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February 6, 2004.

ROBERT BRUTSCHE, Plaintiff -against- JO ANNE BARNHART, Commissioner of the Social Security Administration, Defendants

The opinion of the court was delivered by: MICHAEL MUKASEY, Chief Judge, District


Robert Brutsche challenges the Commissioner of Social Security's determination that he was not entitled to Supplemental Security Income ("SSI") disability benefits because he was not disabled on or before December 31, 1999. He sues pursuant to 42 U.S.C. § 405 (g) and § 1383(c)(3) (2000). Both parties move for judgment on the pleadings pursuant to Fed.R.Civ.P. 12(c), and Brutsche argues in the alternative that the case should be remanded for further administrative proceedings. For the reasons stated below, both parties' Fed.R.Civ.P. 12(c) motions are denied, and Brutsche's request for a remand is granted.


  Robert Brutsche was born on May 25, 1936.

  (Administrative Record ("R.") 27) He is a high school graduate and completed one year of college. (R. 108) He worked for most of his adult life, holding jobs in restaurants, as a mover, and most recently as a security guard from 1981 to 1989 and as a doorman from 1990 to 1992 and 1996 to 1997. (R. 30, 108) When he was a doorman, his duties included greeting tenants and visitors, using the intercom and elevator, carrying trash containers, and receiving deliveries. (R. 108-09) According to Brutsche, these responsibilities required him to stand for four hours a day, walk for four hours a day, and frequently lift up to Page 2 50 pounds. (R. 109) Brutsche stopped working on March 10, 1997, and he claims that he has been disabled since that date. (R. 104) He met the disability insured status requirements of Title II of the Social Security Act from March 10, 1997, through December 31, 1999, but not thereafter. (R. 13) Accordingly, he must have been disabled on or before December 31, 1999, to establish his entitlement to a period of SSI benefits. (R. 13)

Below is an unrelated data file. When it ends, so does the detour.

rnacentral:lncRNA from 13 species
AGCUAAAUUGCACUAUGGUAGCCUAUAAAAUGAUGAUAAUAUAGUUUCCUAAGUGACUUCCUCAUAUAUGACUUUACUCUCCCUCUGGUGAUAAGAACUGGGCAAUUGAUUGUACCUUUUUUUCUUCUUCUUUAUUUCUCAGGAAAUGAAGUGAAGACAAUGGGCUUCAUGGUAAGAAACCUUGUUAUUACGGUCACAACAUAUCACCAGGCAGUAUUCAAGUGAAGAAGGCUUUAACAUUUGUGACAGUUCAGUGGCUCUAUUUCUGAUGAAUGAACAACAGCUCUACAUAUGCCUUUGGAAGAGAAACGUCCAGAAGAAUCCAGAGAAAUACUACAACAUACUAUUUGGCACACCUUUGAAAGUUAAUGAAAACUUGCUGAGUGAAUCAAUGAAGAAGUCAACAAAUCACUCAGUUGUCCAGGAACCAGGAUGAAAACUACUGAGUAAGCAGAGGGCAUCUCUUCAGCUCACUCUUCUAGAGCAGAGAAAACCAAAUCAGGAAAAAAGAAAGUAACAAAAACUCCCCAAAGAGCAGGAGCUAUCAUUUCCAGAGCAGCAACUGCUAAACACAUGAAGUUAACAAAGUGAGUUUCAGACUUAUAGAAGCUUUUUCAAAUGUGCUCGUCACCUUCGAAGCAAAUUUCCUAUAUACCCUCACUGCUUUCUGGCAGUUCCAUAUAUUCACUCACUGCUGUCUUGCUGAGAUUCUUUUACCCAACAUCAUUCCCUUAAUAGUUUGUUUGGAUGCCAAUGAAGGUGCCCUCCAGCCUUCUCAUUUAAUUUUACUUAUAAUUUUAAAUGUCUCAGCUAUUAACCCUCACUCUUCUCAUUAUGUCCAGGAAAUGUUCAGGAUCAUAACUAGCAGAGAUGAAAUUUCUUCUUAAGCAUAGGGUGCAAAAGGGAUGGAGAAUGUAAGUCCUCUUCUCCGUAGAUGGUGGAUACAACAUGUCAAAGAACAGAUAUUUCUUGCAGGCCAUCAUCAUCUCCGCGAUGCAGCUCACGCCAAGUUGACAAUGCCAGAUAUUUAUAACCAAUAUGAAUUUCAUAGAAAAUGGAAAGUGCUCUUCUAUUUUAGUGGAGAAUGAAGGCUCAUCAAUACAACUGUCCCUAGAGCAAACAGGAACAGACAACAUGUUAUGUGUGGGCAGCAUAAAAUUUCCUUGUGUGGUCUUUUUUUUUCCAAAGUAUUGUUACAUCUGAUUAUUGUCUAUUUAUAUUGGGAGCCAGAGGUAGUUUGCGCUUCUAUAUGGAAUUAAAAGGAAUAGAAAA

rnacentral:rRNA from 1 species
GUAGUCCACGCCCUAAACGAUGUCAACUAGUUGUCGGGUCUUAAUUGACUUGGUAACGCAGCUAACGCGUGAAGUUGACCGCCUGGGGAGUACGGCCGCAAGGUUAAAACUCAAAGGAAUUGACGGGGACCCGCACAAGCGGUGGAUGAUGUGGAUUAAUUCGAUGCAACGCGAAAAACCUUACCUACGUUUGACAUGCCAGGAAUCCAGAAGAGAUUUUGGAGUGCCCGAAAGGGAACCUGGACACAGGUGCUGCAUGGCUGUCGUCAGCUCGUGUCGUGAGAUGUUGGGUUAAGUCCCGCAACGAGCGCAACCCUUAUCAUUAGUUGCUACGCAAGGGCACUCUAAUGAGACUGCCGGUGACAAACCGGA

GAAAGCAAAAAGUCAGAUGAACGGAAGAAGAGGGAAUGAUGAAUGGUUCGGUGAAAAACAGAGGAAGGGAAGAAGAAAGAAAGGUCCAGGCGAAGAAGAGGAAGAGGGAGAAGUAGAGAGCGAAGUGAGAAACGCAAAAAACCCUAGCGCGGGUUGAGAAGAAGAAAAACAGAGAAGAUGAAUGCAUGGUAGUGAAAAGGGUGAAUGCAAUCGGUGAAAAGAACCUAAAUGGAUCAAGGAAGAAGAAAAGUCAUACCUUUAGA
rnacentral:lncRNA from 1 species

In July 1998, Brutsche filed an application for SSI benefits. (R. 42-44; 104-09) He reported that he was disabled by obsessive-compulsive disorder, which interfered with his ability to concentrate on tasks and thus caused him to lose jobs. (R. 104) He explained that he had been prescribed Prozac (R. 105), and he said that his daily activities included eating, doing laundry, cleaning his apartment, seeing friends occasionally, riding public transportation as needed, and taking long walks "when able to do so." (R. 107)

  Brutsche's application for SSI benefits was denied in August 1998 (R. 71-73), and he requested reconsideration of his claim shortly thereafter. (R. 75, 76) The Social Security Administration misplaced Brutsche's original request (R. 75) and then contacted Brutsche in August 1999, asking him to complete a new set of forms for his reconsideration request. (R. 76) Brutsche then submitted a second set of forms in support of his request for reconsideration. (R. 112-16) In this request, Page 3 Brutsche reported that he had developed these ailments since he first filed for SSI benefits: an irregular heartbeat, a stomach ailment, arthritic psoriasis in his joints, two hernias, and deteriorating hearing. (R. 112) He also stated that Dr. Mindy Beran of Mount Sinai had instructed him to walk at a slow pace and avoid lifting. (R. 112) Brutsche reported that he had visited Dr. Beran and Dr. Danie Sherer, both of Mount Sinai, since he filed his claim for disability benefits, and he indicated that he had last visited the New York State Psychiatric Institute in March 2000. (R. 113) At the end of his request for reconsideration, Brutsche attached a three-page, handwritten description of his typical day. (R. 114-16) Brutsche's request for reconsideration was denied in May 2000 (R. 93-95), and he then requested a hearing before an administrative law judge. (R. 96)